Thai artists and art students are on the frontline of their country’s swelling pro-democracy movement, calling for reforms of Thailand’s military-backed government, and breaking both taboo and national law to criticise the nation’s monarchy. The near-daily flash mobs numbering in the thousands, mostly of middle school students waving white ribbons and holding up a three-finger salute from the film The Hunger Games, reached a crescendo on 19 and 20 September, when upwards of 100,000 people of all ages turned out on the anniversary of the 2006 military coup deposing the populist prime minister Thaksin Shinawatra.
On 12 September, according to the activist artist Mit Jai Inn, around 2,000 art students held a flash occupation at the state-backed Bangkok Art and Culture Centre to protest against elitism in the art world. “For the past five to seven years, the [established] artists have mostly aligned with the military and monarchy because of the [perception] of the resistance—the poor, the red shirts—so they align with the yellow conservatives and the military,” Mit says.
“Before I was a lonely minority, but now all of the young artists have turned radical” Mit Jai Inn, activist and artist
“In Thailand, the art scene is run by elite old men, nearly all conservative. Before I was a lonely minority, but now all of the young artists have turned radical,” joining protests “doing art, performing music, designing posters.”
Alongside the Free Youth group organising the protests, a Free Art alliance has been coordinating pro-democracy artists around the country. “It is not an organisation—more like outlaws,” Mit says.
A general strike is planned for 14 October, the anniversary of the 1973 military killings of around a hundred protesters that led to the reinstatement of parliamentary democracy for three years.
Since 1932, when a coup that ended the monarchy’s absolute rule, “there have been countless government coups. Most recently in 2014—every time they say it will not happen again,” says Apinan Poshyananda, artistic director of the privately backed Bangkok Art Biennale (BAB).
Thailand’s last wave of protests in 2010, by mostly rural and poor “red shirts” supporting Thaksin, culminated in a military massacre of over a hundred people. “The difference now is that there are more kids, more students—14 and 15-year-old kids. It is good; they have learned about democracy and want to see their own future, see what the government will be like for the next 20 years.”
“Thai artists always get involved in political protests—ever since the early days of democracy. They help by making political posters, designing state backdrops, writing political poems, singing protest songs,” says Manit Sriwanichpoom, the artist founder of Bangkok’s Kathmandu Photo Gallery. Members of the musical alliance Rap Against Dictatorship, including Dechathorn Bumrungmuang, aka Hockhacker, and Thanayut Na Ayutthaya, aka Eleven Finger, have been detained and released. “The previous protests were for and against corrupt politicians— Thaksin Shinawatra and his cronies. Democracy was used to legitimise the movement. The ultimate goal of the protests today is to reform the Thai monarchy, which protesters believe is the core element obstructing the development of the country’s democracy.”
Sriwanichpoom says their ten demands to curb the king’s constitutional powers ask that the monarchy be constricted into a symbolic rather than the current supreme and sacrosanct political and economic role, “like the Japanese or European monarchies, and to defend the democracy from coup d’etats”.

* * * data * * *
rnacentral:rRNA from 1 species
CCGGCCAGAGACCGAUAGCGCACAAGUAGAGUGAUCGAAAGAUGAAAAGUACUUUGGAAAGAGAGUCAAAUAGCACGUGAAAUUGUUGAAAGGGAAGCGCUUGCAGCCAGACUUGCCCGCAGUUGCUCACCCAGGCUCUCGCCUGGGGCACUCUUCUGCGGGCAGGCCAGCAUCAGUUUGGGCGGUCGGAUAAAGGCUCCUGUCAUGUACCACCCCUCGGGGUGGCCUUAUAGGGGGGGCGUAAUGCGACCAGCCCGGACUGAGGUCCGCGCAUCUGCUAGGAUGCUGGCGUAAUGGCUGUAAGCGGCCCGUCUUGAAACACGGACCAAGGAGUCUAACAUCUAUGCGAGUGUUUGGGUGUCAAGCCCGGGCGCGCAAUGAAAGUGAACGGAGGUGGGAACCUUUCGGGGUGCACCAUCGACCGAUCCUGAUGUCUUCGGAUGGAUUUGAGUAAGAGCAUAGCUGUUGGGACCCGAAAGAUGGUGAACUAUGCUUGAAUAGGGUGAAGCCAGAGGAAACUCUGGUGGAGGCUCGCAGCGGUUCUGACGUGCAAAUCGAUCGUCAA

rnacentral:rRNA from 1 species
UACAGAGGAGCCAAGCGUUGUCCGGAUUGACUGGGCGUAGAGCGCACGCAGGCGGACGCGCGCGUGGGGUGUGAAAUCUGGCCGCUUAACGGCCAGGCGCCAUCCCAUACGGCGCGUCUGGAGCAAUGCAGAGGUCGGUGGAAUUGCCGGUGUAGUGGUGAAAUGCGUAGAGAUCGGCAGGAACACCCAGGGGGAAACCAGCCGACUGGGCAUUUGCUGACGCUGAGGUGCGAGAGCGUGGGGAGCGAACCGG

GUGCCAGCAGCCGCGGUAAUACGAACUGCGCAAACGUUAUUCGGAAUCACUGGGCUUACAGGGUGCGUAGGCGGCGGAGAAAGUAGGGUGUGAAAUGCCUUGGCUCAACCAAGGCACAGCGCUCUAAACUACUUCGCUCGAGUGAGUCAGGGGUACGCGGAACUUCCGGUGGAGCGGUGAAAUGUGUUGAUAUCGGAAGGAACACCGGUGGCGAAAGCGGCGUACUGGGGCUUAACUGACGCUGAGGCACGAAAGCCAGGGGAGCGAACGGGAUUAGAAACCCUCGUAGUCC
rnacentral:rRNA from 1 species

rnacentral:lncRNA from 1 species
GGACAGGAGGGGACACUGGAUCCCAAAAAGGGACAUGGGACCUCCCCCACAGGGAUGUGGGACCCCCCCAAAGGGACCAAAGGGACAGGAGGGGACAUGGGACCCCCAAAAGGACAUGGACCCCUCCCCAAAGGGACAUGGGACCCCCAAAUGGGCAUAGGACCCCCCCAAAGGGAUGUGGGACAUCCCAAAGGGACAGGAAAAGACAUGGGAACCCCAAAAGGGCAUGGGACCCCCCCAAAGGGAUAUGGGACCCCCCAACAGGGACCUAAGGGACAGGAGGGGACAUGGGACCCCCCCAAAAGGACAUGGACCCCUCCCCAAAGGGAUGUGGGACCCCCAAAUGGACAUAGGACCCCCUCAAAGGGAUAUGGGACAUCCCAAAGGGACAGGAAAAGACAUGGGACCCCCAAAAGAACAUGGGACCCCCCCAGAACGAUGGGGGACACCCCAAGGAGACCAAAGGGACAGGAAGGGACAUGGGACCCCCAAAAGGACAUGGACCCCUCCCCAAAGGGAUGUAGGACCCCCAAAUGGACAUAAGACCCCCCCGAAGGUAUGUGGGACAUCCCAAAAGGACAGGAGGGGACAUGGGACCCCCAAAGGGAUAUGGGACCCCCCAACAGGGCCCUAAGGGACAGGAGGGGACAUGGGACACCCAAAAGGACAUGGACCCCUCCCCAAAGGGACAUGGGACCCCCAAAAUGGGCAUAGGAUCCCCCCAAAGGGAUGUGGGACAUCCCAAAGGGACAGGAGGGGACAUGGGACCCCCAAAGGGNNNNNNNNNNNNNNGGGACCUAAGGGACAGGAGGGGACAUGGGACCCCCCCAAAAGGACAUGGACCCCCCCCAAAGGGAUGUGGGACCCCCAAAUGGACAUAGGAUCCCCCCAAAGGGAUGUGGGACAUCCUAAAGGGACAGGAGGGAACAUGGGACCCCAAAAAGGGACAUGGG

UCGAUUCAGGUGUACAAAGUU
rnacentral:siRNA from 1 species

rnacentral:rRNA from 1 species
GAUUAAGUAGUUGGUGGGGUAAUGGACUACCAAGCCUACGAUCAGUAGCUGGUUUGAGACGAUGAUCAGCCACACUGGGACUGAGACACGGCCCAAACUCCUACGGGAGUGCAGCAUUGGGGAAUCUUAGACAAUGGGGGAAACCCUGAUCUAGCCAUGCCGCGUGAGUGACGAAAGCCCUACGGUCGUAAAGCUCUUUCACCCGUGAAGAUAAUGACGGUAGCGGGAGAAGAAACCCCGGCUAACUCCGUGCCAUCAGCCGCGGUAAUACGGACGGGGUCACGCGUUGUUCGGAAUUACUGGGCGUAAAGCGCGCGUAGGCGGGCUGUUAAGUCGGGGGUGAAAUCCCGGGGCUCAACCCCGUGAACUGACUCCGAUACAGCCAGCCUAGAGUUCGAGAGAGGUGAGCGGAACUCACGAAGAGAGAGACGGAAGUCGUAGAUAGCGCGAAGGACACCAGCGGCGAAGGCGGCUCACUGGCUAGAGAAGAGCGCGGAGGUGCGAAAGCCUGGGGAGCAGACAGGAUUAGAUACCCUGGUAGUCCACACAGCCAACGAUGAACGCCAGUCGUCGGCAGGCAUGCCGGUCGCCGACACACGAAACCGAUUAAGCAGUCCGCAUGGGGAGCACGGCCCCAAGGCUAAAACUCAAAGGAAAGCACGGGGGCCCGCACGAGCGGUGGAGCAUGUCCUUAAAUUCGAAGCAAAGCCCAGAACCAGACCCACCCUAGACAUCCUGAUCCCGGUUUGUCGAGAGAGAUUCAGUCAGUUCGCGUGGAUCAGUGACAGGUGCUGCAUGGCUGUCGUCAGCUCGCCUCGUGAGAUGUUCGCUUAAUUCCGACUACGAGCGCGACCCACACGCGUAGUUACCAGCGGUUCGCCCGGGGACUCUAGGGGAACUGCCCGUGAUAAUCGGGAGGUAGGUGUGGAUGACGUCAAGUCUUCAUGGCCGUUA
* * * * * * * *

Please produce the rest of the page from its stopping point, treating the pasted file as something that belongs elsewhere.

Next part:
“Before this current wave of protests, criticising the Thai monarchy was strictly taboo”
Thailand’s monarchy is theoretically regulated under the current constitution, promulgated by the military regime last year, alongside contested elections that barred main opposition party Future Forward and installed Chan-ocha as prime minister. Some pro-democracy leaders living in exile have been kidnapped, and the bodies of several were later found brutally disfigured. The disappearance of Wanchalearm Satsaksit from Cambodia in July sparked the current wave of protests. “But in real life, the Thai king has the highest power in the country,” says Sriwanichpoom. “The king can do no wrong.”
Before this current wave of protests, criticising the Thai monarchy was strictly taboo. Any criticism of the institution is subject to lèse-majesté rules that can include a 15-year prison term and a life-long blacklist, while any calls to abolish the monarchy are punishable by death. “The administration, military, the circle around the monarchy, the courts—they are like a politburo,” says Mit. “The king says he’s neutral, but he has an alliance with the military, and gives advantages and monopolies to big industry. Along with the police and the military, they are like pirates, with black money. It has been more than 14 years since Thaksin was taken out, and the gap between rich and poor gets more wide.”
Mit, born in 1960, co-founded the still-active Chiang Mai Social Installation Project alongside the 1992 protests that ushered in Thailand’s most democratic period. In 2015, he opened the Cartel Artspace in Bangkok, a project space that is no stranger to censorship raids for art deemed too controversial on political or religious grounds for the mostly Buddhist country, or simply made by artists on a lèse-majesté blacklist.
“The censorship on film is still hard and controlled, but other media are relatively free—except [when it comes to] criticising the Thai monarchy. By nature, Thai people are anarchists; they are free people (Thai means freeman) who don’t like any restrictions” on their expression, says Sriwanichpoom. “Art still has an important role to play in the fight for democracy.”